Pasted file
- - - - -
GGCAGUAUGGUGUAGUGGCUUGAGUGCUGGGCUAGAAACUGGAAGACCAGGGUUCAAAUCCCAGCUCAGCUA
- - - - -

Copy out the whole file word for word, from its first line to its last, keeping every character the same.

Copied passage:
GGCAGUAUGGUGUAGUGGCUUGAGUGCUGGGCUAGAAACUGGAAGACCAGGGUUCAAAUCCCAGCUCAGCUA